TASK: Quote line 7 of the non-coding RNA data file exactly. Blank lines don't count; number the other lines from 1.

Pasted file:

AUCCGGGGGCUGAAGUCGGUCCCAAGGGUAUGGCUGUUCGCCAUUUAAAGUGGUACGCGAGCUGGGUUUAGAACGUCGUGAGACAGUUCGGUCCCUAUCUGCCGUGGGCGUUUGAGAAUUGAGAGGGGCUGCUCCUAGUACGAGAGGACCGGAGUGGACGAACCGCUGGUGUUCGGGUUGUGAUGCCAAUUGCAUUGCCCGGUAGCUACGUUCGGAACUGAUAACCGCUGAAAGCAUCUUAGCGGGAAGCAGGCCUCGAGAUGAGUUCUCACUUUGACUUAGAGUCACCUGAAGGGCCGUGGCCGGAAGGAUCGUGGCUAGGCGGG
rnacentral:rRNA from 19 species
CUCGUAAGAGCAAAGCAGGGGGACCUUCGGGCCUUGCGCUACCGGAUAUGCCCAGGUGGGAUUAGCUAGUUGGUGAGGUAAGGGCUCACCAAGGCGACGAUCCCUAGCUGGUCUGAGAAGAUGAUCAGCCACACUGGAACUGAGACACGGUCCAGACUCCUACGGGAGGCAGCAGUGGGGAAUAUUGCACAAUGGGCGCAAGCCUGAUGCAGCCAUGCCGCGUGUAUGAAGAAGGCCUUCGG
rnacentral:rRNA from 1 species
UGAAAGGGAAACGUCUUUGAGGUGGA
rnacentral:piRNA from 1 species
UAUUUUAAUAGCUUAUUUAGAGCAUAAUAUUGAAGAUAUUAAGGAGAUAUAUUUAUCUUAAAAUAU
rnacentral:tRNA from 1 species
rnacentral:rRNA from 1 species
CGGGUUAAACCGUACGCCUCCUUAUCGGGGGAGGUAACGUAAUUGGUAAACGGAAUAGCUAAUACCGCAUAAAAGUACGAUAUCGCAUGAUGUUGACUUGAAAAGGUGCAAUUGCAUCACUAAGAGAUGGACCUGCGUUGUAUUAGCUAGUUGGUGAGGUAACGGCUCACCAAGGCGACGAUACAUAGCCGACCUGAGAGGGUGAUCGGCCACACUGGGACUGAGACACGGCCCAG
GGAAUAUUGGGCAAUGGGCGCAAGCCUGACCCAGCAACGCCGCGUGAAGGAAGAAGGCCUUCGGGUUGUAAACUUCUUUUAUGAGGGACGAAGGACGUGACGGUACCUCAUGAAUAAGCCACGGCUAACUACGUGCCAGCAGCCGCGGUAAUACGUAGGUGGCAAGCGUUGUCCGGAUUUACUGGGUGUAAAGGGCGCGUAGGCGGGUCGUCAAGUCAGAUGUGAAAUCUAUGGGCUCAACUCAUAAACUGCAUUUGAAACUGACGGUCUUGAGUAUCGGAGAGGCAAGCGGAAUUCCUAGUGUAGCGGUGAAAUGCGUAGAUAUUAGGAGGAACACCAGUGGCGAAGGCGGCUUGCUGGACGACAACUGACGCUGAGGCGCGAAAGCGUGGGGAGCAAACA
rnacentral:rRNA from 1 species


UAUUUUAAUAGCUUAUUUAGAGCAUAAUAUUGAAGAUAUUAAGGAGAUAUAUUUAUCUUAAAAUAU